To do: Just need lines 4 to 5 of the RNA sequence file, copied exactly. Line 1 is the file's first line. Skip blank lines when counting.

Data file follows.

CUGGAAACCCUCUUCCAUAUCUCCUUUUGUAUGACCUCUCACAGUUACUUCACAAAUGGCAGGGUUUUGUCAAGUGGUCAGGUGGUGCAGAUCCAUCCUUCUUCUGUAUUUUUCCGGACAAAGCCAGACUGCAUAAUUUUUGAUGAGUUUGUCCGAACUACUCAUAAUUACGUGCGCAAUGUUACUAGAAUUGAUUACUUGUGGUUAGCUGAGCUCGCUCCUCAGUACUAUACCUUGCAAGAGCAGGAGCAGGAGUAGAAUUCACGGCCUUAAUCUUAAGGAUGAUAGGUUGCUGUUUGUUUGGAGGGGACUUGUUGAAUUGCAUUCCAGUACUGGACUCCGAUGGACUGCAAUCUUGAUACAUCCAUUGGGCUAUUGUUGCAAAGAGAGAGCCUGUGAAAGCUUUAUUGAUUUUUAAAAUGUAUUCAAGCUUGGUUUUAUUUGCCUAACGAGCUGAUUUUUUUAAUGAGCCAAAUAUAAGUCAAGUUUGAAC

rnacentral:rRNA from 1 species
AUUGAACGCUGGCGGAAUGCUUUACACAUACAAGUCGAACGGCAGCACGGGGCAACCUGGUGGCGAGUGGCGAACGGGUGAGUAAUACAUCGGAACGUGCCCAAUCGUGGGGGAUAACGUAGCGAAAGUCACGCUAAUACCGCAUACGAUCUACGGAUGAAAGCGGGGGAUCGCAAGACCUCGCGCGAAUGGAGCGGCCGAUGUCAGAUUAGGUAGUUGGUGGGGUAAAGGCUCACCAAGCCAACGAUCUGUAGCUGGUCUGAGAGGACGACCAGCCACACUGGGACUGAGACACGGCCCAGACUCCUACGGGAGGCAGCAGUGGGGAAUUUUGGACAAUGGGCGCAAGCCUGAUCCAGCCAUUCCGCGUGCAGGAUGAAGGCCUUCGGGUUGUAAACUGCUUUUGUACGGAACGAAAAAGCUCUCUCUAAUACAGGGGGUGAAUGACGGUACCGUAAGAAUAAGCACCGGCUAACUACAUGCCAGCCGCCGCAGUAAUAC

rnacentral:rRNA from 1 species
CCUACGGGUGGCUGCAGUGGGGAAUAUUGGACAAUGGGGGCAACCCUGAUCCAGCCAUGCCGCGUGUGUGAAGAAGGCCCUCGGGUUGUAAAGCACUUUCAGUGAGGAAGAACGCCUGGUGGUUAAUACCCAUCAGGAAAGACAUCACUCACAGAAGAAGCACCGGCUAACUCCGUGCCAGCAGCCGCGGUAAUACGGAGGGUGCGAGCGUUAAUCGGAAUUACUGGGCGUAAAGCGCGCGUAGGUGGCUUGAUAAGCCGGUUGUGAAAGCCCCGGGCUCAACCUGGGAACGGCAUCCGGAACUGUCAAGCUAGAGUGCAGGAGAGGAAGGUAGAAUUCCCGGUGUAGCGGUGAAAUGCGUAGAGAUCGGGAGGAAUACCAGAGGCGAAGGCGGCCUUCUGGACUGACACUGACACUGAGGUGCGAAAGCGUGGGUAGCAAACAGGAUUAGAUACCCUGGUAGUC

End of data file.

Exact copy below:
rnacentral:rRNA from 1 species
CCUACGGGUGGCUGCAGUGGGGAAUAUUGGACAAUGGGGGCAACCCUGAUCCAGCCAUGCCGCGUGUGUGAAGAAGGCCCUCGGGUUGUAAAGCACUUUCAGUGAGGAAGAACGCCUGGUGGUUAAUACCCAUCAGGAAAGACAUCACUCACAGAAGAAGCACCGGCUAACUCCGUGCCAGCAGCCGCGGUAAUACGGAGGGUGCGAGCGUUAAUCGGAAUUACUGGGCGUAAAGCGCGCGUAGGUGGCUUGAUAAGCCGGUUGUGAAAGCCCCGGGCUCAACCUGGGAACGGCAUCCGGAACUGUCAAGCUAGAGUGCAGGAGAGGAAGGUAGAAUUCCCGGUGUAGCGGUGAAAUGCGUAGAGAUCGGGAGGAAUACCAGAGGCGAAGGCGGCCUUCUGGACUGACACUGACACUGAGGUGCGAAAGCGUGGGUAGCAAACAGGAUUAGAUACCCUGGUAGUC